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# Recent research has indicated that married people are not

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CEO
Joined: 17 May 2007
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Recent research has indicated that married people are not  [#permalink]

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30 May 2008, 18:31
7
55
00:00

Difficulty:

45% (medium)

Question Stats:

59% (01:23) correct 41% (01:36) wrong based on 2419 sessions

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Recent research has indicated that married people are not only happier than unmarried people, but also healthier. This study has been widely reported by the media, with most commentators concluding that being married is good for one’s health and attitude.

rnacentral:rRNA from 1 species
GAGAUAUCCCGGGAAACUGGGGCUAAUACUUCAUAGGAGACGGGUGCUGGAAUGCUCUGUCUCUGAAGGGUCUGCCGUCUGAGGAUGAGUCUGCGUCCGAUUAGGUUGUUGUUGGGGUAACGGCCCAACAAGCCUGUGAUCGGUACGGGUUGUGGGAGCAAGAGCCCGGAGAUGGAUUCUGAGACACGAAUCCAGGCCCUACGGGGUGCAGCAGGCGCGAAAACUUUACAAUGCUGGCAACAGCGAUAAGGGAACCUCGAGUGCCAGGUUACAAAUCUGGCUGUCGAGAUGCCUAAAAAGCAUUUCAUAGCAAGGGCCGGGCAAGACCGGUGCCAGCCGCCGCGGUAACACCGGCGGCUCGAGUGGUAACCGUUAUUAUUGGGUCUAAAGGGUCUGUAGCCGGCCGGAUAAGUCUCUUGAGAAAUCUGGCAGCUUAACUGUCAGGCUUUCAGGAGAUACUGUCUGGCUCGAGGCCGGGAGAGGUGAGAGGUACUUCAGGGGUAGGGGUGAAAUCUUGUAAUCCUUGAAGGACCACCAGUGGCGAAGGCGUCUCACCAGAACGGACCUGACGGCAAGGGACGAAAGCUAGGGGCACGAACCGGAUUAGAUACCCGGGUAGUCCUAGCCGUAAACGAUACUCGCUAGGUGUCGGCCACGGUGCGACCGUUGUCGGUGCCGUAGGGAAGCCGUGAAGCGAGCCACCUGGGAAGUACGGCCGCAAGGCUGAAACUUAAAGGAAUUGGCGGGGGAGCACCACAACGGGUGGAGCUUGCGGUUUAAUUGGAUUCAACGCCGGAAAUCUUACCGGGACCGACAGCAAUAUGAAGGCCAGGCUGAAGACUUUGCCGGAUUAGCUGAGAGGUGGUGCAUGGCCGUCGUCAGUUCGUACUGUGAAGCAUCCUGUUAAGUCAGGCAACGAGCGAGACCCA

The conclusion of the media commentators depends on which of the following assumptions?

(A) The longer people are married, the happier and healthier they become.
(B) Married couples who had a large, extravagant wedding are happier than those who had a small, simple
(C) Married people cannot get depressed.
(D) Single people with depression or health problems are just as likely to get married as are other single people.
(E) Some marriages are more harmonious than others.
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Re: CR - Marital bliss  [#permalink]

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30 May 2008, 20:09
5
3
I thinks that it is D.

In order to make such conclusion the author has to assume that "marriage" is a cause of "be happier and healthier" but not a sequence. People with depression or health problems might be reluctant to get marriage. If so, "marriage" is a effect.